The Academy: Game On by Monica Seles and James LaRosa (ARC Review)

Release date: 1 July 2013

Publisher: Bloomsbury Australia

Number of pages: 256

My rating: 1/5

The tagline for this book might as well be:

In a tennis academy, screw tennis. Yay for teen drama!!

This book is apparently for fans of the Gallagher Girls. Well, thanks for the lie.

This book was pathetic. Everything about it like characterisation, plot, tennis content, and common sense fails. I felt like clawing my eyes out after a few paragraphs.

The Academy: Game On is about a top notch sporting school. It offers many sports. Our main character, Maya has earned a scholarship to come and train with the best. On the way, she meets heaps of bitches, and two awesome friends. Together, they try to navigate The Academy.

I actually like tennis. Not nearly as much as horse riding, but it's a great sport. I was looking forward to this sport, because I was hoping to learn more about tennis, and how the professional world actually works. According to this book, professional tennis is all about who you date, and what $30000 dress you wear to the hottest club. Seriously! The only tennis terminology used was "tweener" and "restrung racquet." 95% of the book focuses on pathetic teen drama.

Here are the general things featured in a sporty boarding school book (which I have read plenty of): Heaps of training, struggling to stay at the top of their sport, a tiny bit of teen drama, real dedication to their sport, and a big competition with high stakes.

The Academy: Game On featured a buttload of teen drama, and a teeny bit of training.

The training was very mundane. The actual details and Maya's strengths and weaknesses of the game were glossed over. Does she have trouble with serving? Is everyone else better than her? Is she struggling? Any important competitions coming up? After reading the book, I have no idea. A tennis academy should be about TENNIS, not teen drama. This was an unrealistic portrayal of the professional tennis world. You get good at tennis by training hard, not partying hard. At first, I thought that maybe the tennis details were glossed over because the author did not know much about tennis and had done inadequate research. Then, I discovered that the author is a champion tennis player. Seriously? Monica LaSelles has no excuse for this.

Another problem I had with this book was the name of the school. "The Academy?" Just "The Academy?" The academy of what? The Academy of Awesome Sports? The Andre Agassi Academy? At least give your school a proper name! It feels like the author couldn't be bothered to think up of one.

On arrival, Maya actually points out the Versace and Prada stores IN THE SCHOOL. What kind of idiot school has a PRADA STORE? Exclusive boarding schools are usually very strict. Expensive uniform and lots of rules are the norm. But you know what? Why study or train when you can go shopping? This is so unrealistic. I cannot think of a single reason why a HIGH SCHOOL would have a Versace store in it.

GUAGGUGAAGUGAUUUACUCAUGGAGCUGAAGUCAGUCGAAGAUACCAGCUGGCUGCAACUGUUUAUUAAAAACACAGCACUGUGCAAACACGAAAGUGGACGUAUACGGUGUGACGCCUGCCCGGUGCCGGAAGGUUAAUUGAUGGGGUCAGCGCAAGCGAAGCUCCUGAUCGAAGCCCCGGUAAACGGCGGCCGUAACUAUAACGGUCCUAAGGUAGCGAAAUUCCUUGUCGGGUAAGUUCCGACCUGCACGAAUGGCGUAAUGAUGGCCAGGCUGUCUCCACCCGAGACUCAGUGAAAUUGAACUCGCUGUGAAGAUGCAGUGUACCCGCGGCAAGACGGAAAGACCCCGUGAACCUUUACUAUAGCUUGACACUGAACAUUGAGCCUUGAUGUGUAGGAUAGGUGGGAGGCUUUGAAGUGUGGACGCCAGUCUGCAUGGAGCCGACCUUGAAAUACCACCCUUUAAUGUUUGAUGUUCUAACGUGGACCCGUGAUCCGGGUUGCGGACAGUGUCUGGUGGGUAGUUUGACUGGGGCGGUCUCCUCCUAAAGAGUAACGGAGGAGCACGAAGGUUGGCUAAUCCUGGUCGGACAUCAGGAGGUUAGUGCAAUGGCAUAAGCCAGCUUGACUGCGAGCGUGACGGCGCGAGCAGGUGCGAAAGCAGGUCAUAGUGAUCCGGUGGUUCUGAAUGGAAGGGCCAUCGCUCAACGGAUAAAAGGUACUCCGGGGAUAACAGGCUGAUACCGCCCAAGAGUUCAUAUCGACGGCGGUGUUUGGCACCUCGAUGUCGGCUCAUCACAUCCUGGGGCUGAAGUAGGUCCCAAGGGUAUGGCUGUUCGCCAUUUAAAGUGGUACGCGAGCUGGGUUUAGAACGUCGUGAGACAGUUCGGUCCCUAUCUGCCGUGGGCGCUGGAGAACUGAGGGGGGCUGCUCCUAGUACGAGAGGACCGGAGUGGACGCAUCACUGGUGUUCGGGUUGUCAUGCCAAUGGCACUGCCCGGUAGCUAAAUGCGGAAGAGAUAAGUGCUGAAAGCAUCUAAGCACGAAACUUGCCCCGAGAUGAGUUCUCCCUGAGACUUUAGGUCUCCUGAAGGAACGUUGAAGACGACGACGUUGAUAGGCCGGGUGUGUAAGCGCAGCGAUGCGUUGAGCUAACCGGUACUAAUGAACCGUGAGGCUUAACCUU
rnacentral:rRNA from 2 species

At Maya's first training session, the teacher offers $500 to the person who can hit down the cone first. WTF? What kind of school gives money away to their students like that?

If feels like this book can't seem to decide what it is. It can't decide between being realistic or unrealistic. At first I thought that the book was middle grade because of the immaturity of every single thing the characters say and do. But nope. It's too inappropriate for middle grade, so it's actually a young adult book. It can't decide wether it wants to be about tennis or about a bunch of bitchy rich kids. It confuses readers when the author is so indecisive about what direction they want their book to go in.

The characters were pathetic. Maya is a pathetic excuse for a human being. She lets everyone walk all over her. She pathetically fangirls over Nicole King, even after she treats Maya like dirt. It's common sense not to admire someone who treats you like dirt. Jake was your typical idiot who would have sex with anyone with some kind of hole. Travis was boring. Nicole was a typical shallow bitchy rich character.

The only interesting character was Cleo. She actually had some interesting backstory, she was totally kickass, and she was Chinese! Being Chinese myself, I feel that there isn't enough Asian people in the young adult world. Cleo was great, but unfortunately, Maya ditches her as soon as she can for Nicole.

For Nicole. The bitch who almost got you expelled. The bitch who treated you like dirt.

Maya is an idiot.

None of the characters except Cleo had any depth. They were cardboard cutouts, simply there to drive the story along.

The romance was really, really bad. Upon seeing Travis, Maya melted into a pathetic puddle of crap. After swooning over how hot Travis and Jake are, she starts toying with both of them. Well, when you can't decide between which super-sexy-rich-sporty guy to choose, why not choose them both!

No, Maya.

She spent way too much time mooning over those two people.

Even the plot was bad. It hardly moved at all. There was stagnant teen and boy drama. It does have some movement, but it's certainly not interesting or related to tennis.

I swear, Maya must have an IQ of 5.

I hated this book. It's way too immature for young adult, but way too inappropriate for middle grade. It would work a lot better if the author cut out the inappropriate bits and marketed this book as middle grade. No one above the age of 10 would enjoy this book.

However, that cover is awesome!

Filled with unrealistic themes, crappy characters, shallow romance, sleeping around, rich girl drama, stupidity, and NO tennis, I would not recommend this book to anyone.

An ARC of this book was provided by the publisher in exchange for an honest review.


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